The Pacific angel sharks, also known as Squatina californica, are ambush predators with wing-shaped pectoral fins, flattened bodies and gray, brown and black coloring. Their births follow the natural pupping patterns for most sharks, which is typically March through June, said director of husbandry Christina Slager.
"We are very excited because it's a very rare occurrence," Slager said. "We're looking forward to being able to learn things about the pups."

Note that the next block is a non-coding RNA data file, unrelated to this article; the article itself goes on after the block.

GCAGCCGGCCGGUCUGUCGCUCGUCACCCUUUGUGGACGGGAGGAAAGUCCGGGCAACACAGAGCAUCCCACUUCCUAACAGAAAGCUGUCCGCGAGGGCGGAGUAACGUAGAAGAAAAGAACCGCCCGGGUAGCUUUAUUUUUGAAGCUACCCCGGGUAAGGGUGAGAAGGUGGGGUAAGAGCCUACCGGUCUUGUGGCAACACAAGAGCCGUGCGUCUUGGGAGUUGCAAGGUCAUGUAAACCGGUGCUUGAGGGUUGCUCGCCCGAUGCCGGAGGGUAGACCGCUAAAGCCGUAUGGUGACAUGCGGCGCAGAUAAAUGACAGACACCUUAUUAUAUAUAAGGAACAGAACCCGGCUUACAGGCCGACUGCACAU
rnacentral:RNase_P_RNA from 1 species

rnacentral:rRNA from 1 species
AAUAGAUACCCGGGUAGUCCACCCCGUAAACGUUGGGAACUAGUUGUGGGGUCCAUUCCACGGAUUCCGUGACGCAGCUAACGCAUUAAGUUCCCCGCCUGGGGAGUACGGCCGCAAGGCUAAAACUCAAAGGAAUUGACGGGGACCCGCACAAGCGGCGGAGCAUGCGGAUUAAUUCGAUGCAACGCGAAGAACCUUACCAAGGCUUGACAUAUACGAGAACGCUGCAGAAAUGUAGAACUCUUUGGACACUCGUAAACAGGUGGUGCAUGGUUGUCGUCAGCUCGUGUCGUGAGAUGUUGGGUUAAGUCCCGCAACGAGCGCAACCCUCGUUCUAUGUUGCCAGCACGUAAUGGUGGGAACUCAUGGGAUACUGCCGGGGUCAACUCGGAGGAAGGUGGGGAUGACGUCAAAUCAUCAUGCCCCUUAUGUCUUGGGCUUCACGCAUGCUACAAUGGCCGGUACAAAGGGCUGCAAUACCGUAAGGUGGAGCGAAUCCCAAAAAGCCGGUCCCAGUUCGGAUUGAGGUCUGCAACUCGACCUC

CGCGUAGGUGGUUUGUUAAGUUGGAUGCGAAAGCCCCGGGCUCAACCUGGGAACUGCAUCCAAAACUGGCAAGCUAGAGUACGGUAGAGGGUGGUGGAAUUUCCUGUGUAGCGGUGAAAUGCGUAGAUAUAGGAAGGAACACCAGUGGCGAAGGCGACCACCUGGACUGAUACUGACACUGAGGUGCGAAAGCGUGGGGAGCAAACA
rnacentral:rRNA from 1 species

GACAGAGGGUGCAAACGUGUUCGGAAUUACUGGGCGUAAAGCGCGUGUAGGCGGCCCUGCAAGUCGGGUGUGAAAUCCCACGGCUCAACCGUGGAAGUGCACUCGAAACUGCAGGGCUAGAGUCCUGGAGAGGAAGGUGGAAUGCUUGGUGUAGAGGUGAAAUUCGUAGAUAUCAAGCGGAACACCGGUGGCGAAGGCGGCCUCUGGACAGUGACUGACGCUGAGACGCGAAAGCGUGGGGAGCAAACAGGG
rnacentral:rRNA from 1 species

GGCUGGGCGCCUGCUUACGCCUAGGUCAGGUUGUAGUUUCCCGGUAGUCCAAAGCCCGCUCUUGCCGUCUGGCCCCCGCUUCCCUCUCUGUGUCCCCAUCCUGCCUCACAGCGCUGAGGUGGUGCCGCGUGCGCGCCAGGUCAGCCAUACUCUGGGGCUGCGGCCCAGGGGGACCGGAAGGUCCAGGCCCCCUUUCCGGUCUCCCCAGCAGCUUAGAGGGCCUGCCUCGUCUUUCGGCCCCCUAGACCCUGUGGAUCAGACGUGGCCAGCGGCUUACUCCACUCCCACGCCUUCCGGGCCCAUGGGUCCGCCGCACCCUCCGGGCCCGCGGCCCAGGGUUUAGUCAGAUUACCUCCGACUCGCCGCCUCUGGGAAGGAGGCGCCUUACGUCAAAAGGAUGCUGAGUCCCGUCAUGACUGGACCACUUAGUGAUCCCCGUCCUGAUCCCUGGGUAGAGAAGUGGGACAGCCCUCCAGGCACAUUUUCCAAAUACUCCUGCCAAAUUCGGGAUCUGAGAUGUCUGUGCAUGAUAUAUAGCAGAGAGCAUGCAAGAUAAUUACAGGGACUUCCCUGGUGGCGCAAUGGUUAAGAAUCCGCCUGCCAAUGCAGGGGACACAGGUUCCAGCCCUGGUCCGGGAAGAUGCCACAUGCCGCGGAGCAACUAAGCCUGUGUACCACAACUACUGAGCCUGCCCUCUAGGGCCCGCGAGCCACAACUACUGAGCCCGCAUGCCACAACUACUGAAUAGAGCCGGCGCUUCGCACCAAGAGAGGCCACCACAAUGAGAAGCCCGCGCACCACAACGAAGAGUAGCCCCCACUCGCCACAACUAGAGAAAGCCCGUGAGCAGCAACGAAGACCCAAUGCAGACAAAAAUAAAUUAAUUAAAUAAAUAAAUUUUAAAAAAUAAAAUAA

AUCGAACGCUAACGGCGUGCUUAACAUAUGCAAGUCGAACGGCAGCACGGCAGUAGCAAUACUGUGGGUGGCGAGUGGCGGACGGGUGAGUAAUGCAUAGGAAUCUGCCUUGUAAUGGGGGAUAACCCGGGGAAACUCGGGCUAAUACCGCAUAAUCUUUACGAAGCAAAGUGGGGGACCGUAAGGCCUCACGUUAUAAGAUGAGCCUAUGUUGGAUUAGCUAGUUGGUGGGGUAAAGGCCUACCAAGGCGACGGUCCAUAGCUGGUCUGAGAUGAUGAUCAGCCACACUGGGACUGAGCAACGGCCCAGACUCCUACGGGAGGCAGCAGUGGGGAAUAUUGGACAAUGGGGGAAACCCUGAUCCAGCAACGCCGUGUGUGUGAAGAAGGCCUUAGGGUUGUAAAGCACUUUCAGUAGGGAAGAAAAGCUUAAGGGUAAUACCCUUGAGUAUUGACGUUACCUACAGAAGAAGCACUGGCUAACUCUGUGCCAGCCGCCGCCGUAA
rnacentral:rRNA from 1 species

The pups are being monitored hourly from behind-the-scenes nursery tanks. They weighed between 115 to 120 grams at birth with a length between 21 and 24 centimeters.
The four pups will be available for the public to view in about two years when they are expected to reach adulthood, Slager said.
The aquarium launched a research project in 2008 to explore the breeding patterns and migration in conjunction with tidal cycle, current flows and oceanographic data of angel sharks and also sevengill sharks, considered to be the largest predators in the San Francisco Bay.